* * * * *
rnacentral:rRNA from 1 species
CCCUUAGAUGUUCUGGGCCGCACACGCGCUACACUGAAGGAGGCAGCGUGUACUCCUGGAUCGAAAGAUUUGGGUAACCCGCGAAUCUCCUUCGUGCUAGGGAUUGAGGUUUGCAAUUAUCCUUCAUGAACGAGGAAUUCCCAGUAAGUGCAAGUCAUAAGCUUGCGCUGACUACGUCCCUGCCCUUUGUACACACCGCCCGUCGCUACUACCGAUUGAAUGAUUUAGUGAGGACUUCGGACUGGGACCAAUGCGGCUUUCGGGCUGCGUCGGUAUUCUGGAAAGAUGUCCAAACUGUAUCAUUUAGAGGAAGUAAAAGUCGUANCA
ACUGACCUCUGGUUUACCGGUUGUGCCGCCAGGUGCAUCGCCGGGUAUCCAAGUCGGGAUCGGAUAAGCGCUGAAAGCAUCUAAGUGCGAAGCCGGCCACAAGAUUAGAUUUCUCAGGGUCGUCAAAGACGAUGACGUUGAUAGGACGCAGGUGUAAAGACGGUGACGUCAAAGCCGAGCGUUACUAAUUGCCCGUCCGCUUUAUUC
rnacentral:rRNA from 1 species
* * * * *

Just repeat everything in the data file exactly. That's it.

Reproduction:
rnacentral:rRNA from 1 species
CCCUUAGAUGUUCUGGGCCGCACACGCGCUACACUGAAGGAGGCAGCGUGUACUCCUGGAUCGAAAGAUUUGGGUAACCCGCGAAUCUCCUUCGUGCUAGGGAUUGAGGUUUGCAAUUAUCCUUCAUGAACGAGGAAUUCCCAGUAAGUGCAAGUCAUAAGCUUGCGCUGACUACGUCCCUGCCCUUUGUACACACCGCCCGUCGCUACUACCGAUUGAAUGAUUUAGUGAGGACUUCGGACUGGGACCAAUGCGGCUUUCGGGCUGCGUCGGUAUUCUGGAAAGAUGUCCAAACUGUAUCAUUUAGAGGAAGUAAAAGUCGUANCA
ACUGACCUCUGGUUUACCGGUUGUGCCGCCAGGUGCAUCGCCGGGUAUCCAAGUCGGGAUCGGAUAAGCGCUGAAAGCAUCUAAGUGCGAAGCCGGCCACAAGAUUAGAUUUCUCAGGGUCGUCAAAGACGAUGACGUUGAUAGGACGCAGGUGUAAAGACGGUGACGUCAAAGCCGAGCGUUACUAAUUGCCCGUCCGCUUUAUUC
rnacentral:rRNA from 1 species